It’s inexpensive. It’s durable. It’s beautiful. It’s wholesome.
Yakisugi, also known as “shou sugi ban” in the west, is quickly becoming known worldwide as a great option for exterior siding. But how does a vernacular material used by farmers and fishermen in Western Japan for centuries suddenly become a luxurious must-have in the world of western architecture within about 15 years? There are a vast number of siding options available to us today, including cement, resin, metal, and wood, all offering a good lifespan at a viable budget and with desirable appearance. In our experience there are several reasons yakisugi is chosen, including the siding selection trifecta of cost+durability+beauty, plus alpha. Here they are listed below in common owner priority:
- It’s inexpensive.
On most low and medium rise construction projects budget compliance and cost performance are the ultimate priorities. One of the biggest misconceptions we run into when speaking with new customers is how much using yakisugi will cost them. The rigid millwork traditions necessary for stable heat treatment cause yakisugi to have standard dimensions, the wood must be air dried instead of being kiln dried, and the intense surface burning makes it unnecessary to face or sand the planks, all lowering manufacturing costs. Apples to apples yakisugi is actually on-par or cheaper than most stain-grade alternatives. Add to this that yakisugi never really needs to be oiled or re-oiled, and the long-term cost-performance is a no-brainer for custom homes.
- It’s durable.
When asked how long yakisugi siding will last, we sometimes tell people to let their grandchildren worry about it. Sugi is a porous, tannin-rich species with high weathering durability in exterior applications. The millwork necessary to survive heat treatment also means that the growth ring orientation is optimized to shed water and dry out quickly. Quick dry time corresponds to improved longevity with siding. The intense heat treatment burns off cellulose in the wood so that fungi do not grow in it and bugs do not eat it. The surface is case hardened and there is a protective soot layer, both characteristics which cause yakisugi to repel water and have maximum UV protection.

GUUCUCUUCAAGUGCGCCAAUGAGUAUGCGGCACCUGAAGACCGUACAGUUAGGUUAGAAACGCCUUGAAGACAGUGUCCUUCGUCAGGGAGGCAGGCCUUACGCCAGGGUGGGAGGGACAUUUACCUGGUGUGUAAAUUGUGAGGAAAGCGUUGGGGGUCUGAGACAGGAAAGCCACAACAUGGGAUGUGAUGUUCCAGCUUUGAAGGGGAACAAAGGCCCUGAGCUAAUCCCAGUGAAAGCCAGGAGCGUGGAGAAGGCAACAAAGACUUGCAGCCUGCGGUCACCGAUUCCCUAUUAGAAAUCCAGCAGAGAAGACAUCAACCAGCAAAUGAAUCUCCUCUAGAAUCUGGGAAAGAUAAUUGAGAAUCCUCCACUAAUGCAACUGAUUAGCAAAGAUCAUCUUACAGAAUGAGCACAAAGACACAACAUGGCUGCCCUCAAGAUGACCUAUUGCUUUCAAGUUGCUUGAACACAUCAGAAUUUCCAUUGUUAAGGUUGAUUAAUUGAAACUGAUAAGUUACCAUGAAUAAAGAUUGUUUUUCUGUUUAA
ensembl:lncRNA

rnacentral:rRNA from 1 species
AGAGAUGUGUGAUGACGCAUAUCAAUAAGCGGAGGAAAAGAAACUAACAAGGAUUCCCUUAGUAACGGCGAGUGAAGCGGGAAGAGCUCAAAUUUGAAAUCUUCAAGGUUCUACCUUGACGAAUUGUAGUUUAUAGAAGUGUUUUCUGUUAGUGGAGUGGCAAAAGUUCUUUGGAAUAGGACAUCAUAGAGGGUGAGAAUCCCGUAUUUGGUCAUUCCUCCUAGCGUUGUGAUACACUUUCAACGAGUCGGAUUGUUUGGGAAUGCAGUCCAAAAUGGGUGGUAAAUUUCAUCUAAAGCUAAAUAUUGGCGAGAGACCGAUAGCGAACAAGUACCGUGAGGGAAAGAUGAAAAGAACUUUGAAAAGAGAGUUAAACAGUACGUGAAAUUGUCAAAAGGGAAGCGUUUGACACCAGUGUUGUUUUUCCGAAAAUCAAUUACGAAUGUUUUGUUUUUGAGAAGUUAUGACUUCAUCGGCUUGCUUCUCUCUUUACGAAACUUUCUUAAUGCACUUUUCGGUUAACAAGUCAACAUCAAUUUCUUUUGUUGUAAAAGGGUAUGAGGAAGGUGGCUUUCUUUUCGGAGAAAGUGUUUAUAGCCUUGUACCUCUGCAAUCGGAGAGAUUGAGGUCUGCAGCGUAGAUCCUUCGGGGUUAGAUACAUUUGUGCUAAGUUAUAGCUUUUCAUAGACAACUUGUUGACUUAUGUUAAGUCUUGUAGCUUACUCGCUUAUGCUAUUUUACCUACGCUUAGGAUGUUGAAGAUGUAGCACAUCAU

- It’s beautiful.
Siding is one of the most cosmetic and noticeable design elements of a structure. It is what the owner faces every day when they return home or relax on their porch, and it can make or break curb appeal to the public. Siding is also a large line item cost on a construction project, so owners demand that it looks good. Yakisugi is made from wood and wood has an undeniable natural beauty to it. Optimizing the millwork for yakisugi heat treatment requires rigid plank and grain consistency, which translates into even color and grain patterns over the wall surface. It can be left unbrushed and textured (Suyaki), gently brushed smooth (Gendai), or wire brushed (Pika-Pika), and these three surface treatments can be combined with different oil finish colors for unlimited options to match the project design. It can be re-oiled periodically to keep it looking fresh and new, or it can be allowed to weather into a unique patina as has been the tradition in Japan for centuries.
- It’s wholesome.
Sustainability is important. Healthy living is important. All Japanese yakisugi comes from forests that have been carefully planted and harvested for many generations. Wood siding ranks #1 for sustainability among all exterior cladding material options, and 2 kilograms of carbon are captured for each 1 kilogram of lumber produced. Yakisugi heat treatment improves long term durability and negates the need for painting or oiling, so it is a less energy-intense cladding material than regular wood siding. Wood siding has 15x the insulative value of cement board and the porous species absorbs and expels moisture to moderate weather fluctuation, lowering energy consumption. Non-toxic natural oil finishes don’t stink and don’t off-gas harmful chemicals. Exposed soot absorbs impurities in the air.
Yakisugi is a unique material with benefits beyond beauty. At Nakamoto Forestry we’re obviously biased, but we know our industry niche very well. We are confident that wholesome natural materials are always the best choice, and we are dedicated to our customers’ health, value, and the planet. Next time you’re planning a project think about using yakisugi as your siding or paneling material.